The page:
Let MySQL Go: Oracle, Open Source, and the EU

The news that the European Commission thinks Oracle should jettison MySQL as part of its deal to acquire Sun is a typical case of bad analysis yielding potentially good results. I have to agree with Oracle’s contention that MySQL + Oracle DBMS does not constitute an unfairly competitive combination, and the EU’s perception to the contrary proves Oracle’s point Brussels doesn’t understand Open Source, or the database market, for that matter.

I also have to agree with the EU that selling MySQL would be a good resolution to the problem, but I also feel that letting Oracle hang on to MySQL would have pretty much the effect that the EU is looking for, albeit not exactly in the manner the EU would have liked.

Here’s how I see it. If Oracle hangs on to MySQL, which has carved out a niche in the new world of Web-based businesses, two things will happen. Oracle will work day and night to convert those MySQL customers to a cloud-based Oracle DBMS environment, and basically try to pick off as many MySQL customers as possible. Meanwhile, Oracle will be happy to collect service and support fees from those customers that remain in the MySQL camp.

Over the long run, this will produce the same effect as Oracle’s acquisition of the old Rdb database from Digital Equipment Corp., or IBM’s acquisition of Informix: dead, gone, and forgotten, with no impact on the top vendors’ market share.

But, don’t forget, this doesn’t actually mean that MySQL has to die: it’s an open source database, which means there are no end of suckers – oops, I mean dedicated database experts – willing to work for free to better a product that drives a significant, VC-funded or publicly-traded company-based service and maintenance business. There will always be open sourcers willing to help make for-profit companies successful, and MySQL, even if it is totally neglected by Oracle, will likely still progress through a reasonable innovation cycle.

Even if Oracle could manage to kill MySQL, there’s plenty of other open source DBMSes to take its place. Ingres and PostgreSQL, among many others. So, open source will continue to thrive, the for-profit service and support vendors for open source will continue to make suckers – I mean heroes – out of the free labor they derive from the open source movement, and not much will change, except the names of the contenders for top open source database.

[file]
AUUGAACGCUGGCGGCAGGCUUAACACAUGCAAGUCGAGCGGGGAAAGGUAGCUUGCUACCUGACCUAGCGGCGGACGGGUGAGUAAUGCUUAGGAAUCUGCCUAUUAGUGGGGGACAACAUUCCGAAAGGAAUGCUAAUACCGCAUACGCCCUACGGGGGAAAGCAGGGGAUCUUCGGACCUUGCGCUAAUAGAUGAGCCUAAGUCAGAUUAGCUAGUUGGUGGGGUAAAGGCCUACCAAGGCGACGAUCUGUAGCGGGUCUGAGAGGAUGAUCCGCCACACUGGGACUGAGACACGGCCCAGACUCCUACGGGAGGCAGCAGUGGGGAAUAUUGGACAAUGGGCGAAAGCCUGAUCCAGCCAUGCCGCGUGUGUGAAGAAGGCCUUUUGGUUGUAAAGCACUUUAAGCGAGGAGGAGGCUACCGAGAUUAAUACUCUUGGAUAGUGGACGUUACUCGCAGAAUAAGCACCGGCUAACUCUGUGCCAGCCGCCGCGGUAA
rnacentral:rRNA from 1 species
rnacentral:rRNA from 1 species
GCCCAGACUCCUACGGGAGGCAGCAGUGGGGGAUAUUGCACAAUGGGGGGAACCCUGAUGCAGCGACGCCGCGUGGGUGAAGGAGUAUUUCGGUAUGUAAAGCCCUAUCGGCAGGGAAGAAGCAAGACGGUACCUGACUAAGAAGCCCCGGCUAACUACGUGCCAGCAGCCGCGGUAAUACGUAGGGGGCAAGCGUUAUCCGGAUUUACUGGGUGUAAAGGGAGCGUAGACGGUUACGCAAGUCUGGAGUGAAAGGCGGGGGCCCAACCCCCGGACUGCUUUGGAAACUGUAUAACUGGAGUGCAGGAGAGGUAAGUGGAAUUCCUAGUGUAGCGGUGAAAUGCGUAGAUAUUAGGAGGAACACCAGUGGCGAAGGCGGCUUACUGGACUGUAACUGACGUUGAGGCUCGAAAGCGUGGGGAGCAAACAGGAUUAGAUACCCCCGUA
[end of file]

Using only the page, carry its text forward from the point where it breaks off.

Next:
Just to fill out my thoughts, I also think that Oracle could and probably should jettison MySQL if that’s the only way to get the EU to play ball. Jettisoning the database doesn’t mean jettisoning a service and support business for MySQL (a la Red Hat), which is anyway where the money is in this open source “business”. And, while providing high levels of support and service to MySQL customers, Oracle could pursue its merry conversion business unimpeded by regulators or the messiness of corralling open sourcers to do high-value, enterprise-class work.

So, successful if they do, successful if they don’t, the current flap with the EU is just that, a flap. Oracle can and will prevail in its efforts to buy Sun, and, whether MySQL comes with it or not, Oracle can and will start the process of moving MySQL customers to a cloud-based DBMS world. It’s not a matter of if, just when.


PS: to all of you open source database developers offended by this column, please bear in mind I have your best interests in mind. Stop working for free to make VCs and shareholders rich, your work deserves honest remuneration, not exploitation.




2 thoughts on “Let MySQL Go: Oracle, Open Source, and the EU

  1. Josh,
    while you have made some interesting points, note that more than 95% of the code that is in MySQL is written by employees on the MySQL (Sun) payroll. MySQL has always been a company-led project with a for-profit incentive. By and large the folks who work on MySQL are paid to do so.


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